The Charlotte News
Thursday, February 24, 1949
Site Ed. Note: The front page reports that on Rhodes, Israel and Egypt had signed an armistice ending their war in Palestine. U.N. mediator Dr. Ralph Bunche said that it was a significant contribution to world peace. The agreement gave nearly all of the Negev Desert, including Beersheba, to Israel and required Egypt to surrender all territory it held in Palestine except Gaza and its five-mile wide coastal strip. It also required Egypt to withdraw behind a defensive line seventeen to thirty miles within its own territory. The preamble of the armistice described it as a prelude to a permanent peace. The first article effectively was a mutual non-aggression pact and called for withdrawal of troops and reduction of forces by both sides.
Iraq had already decided to approve all agreements made by its neighbors. Trans-Jordan, the most militarily formidable of the Arab states, was set to begin talks with Israel on the following Monday.
The President congratulated Dr. Bunche for concluding the armistice and indicated his delight with the agreement.
The President said at a press conference that he was very satisfied with the reaction to his use of the term "s.o.b." at a dinner honoring his military aide General Harry Vaughan, having said that no "s.o.b." would tell him how to make appointments or discharge his staff and Cabinet. The reference was implicitly directed at Drew Pearson and his recent criticism of General Vaughan for accepting a decoration from Argentine dictator Juan Peron, having said in his column that it relayed the wrong signals throughout Latin America regarding American policy. During the press conference, Mr. Truman suggested, in response to a question whether the Government had nominated either Sr. Peron or Mr. Pearson for a Nobel Peace Prize in 1949, that the Government had not done so but that probably each had nominated himself. Both Mr. Pearson and Sr. Peron had been among 23 individuals and institutions so nominated.
One reporter asked the President if
he might receive a doctor of letters degree when he visited Rollins
College in Florida, as a result of the speech. He responded that he
did not know. One reporter asked him about the confusion of a
Washington Evening Star editorial writer who clarified to his readers
that the President was only resorting to the common Washington jargon
of initials, such as WHO and UNO
This misunderstood reference,
however, suggests the strategy for salvaging the interests of the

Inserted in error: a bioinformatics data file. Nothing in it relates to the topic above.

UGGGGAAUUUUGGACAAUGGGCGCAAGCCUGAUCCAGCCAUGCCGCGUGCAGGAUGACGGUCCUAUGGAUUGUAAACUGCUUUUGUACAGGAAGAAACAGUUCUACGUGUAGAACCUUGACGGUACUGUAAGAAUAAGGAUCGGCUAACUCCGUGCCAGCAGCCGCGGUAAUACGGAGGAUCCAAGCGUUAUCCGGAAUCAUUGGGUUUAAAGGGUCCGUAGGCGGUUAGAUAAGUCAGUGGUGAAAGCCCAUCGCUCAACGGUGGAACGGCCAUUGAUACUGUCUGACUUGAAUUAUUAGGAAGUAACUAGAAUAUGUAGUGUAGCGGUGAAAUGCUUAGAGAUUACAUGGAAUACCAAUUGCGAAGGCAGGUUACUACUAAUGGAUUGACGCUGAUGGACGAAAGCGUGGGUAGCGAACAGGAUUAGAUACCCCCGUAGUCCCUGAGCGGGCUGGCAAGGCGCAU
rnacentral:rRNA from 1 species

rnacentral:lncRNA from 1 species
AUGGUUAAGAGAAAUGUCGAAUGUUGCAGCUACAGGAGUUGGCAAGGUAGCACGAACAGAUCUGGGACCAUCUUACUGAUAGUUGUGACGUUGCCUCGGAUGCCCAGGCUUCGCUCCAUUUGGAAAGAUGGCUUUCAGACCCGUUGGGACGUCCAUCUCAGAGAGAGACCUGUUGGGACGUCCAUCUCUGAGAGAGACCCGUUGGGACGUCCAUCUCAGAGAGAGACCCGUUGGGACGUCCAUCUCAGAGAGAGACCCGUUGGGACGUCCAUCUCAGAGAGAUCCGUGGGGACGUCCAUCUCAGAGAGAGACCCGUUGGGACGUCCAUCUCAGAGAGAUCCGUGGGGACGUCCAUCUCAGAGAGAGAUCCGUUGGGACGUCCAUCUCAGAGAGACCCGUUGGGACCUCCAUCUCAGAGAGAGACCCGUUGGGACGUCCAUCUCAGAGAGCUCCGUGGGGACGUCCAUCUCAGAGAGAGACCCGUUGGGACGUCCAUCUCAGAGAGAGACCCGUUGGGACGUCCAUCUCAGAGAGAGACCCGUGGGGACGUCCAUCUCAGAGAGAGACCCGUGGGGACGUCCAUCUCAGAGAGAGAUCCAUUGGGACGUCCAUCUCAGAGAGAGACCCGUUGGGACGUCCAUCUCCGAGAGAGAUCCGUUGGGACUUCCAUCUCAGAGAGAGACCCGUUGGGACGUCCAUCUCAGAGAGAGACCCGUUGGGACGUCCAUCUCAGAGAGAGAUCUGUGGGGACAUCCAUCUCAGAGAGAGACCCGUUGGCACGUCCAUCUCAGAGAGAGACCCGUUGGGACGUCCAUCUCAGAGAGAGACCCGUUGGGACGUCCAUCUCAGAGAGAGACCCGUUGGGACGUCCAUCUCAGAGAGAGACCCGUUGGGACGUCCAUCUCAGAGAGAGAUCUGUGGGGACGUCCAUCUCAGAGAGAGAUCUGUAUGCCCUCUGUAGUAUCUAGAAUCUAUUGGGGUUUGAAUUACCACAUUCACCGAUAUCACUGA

nation and the Supreme Court from the current flap over President
Obama's soon to be announced Supreme Court nominee, whom the Republican Senate
leadership has vowed not only to block but on whom not even to hold hearings,
regardless of the nominee. The President ought suggest, delicately,
to the GOP Senators that they have a nice, long, relaxing
caucus among themselves within the bowels of the Senate Office
Building, in secret
President Truman said that he would renew his proposal for a compulsory health insurance program in a special written message to Congress in the ensuing several weeks.
A substitute plan, meanwhile, was being advanced on Capitol Hill by the medical director of the Veterans Administration, Dr. Paul Magnuson, to make available the same type of medical care to all citizens as provided veterans, based on ability to pay. Federal hospitals and medical schools would be used as diagnostic centers under the proposed plan.
The Senate Banking Committee approved a multi-billion dollar housing bill, but turned down an amendment proposed by Senator John W. Bricker of Ohio that no segregation or discrimination take place in public housing projects authorized under the bill. Senator Bricker said that he intended to renew the fight for the amendment on the Senate floor. The bill provided for 810,000 units of low-rent public housing to be constructed over a six-year period, a 1.5 million dollar slum clearance program, and a 262.5 million dollar program for rural dwellings and buildings.
There was general bipartisan agreement among Senators on the Labor Committee to have the new labor bill to replace Taft-Hartley include a provision to require unions to treat white and black workers alike. Some unions barred blacks or gave them special membership. Senator Hubert Humphrey of Minnesota, a member of the Labor Committee, expressed his approval of the measure. Ohio Senator Robert Taft said that if Taft-Hartley's ban on the closed shop were abandoned, then something along the lines proposed ought be included, but that he would want to study the proposal further. Senator Wayne Morse of Oregon said that he would give it careful consideration.
The Hoover Commission agreed unanimously that the Government accounting system needed improvement but split four ways on how to accomplish it.
In Washington, in the treason trial of Mildred Gillars, accused of being "Axis Sally" delivering propaganda broadcasts for the Nazis to the Allies from Berlin during the war, the defendant continued her testimony, saying tearfully that she had fallen in love with a Nazi propagandist, a former instructor at Hunter College in New York, and that she had come to view him as her "destiny". The defense was laying the ground to argue, as incorporated in its opening statement, that the propagandist had an "hypnotic" influence on Ms. Gillars.
In Raleigh, Governor Kerr Scott said that he would continue to fight for his proposed 200 million dollar rural roads program despite the State Senate Roads Committee having the previous day voted to chop it in half.
The State Senate passed, on second reading, the bill to abolish the State vehicle inspection law, but a third reading of it was temporarily blocked. The House had already passed the measure.
Pete McKnight of The News reports that the proposed statewide referendum on liquor sales appeared dead in the Legislature, that it was clear that most legislators favored retention of county-option determination of the issue.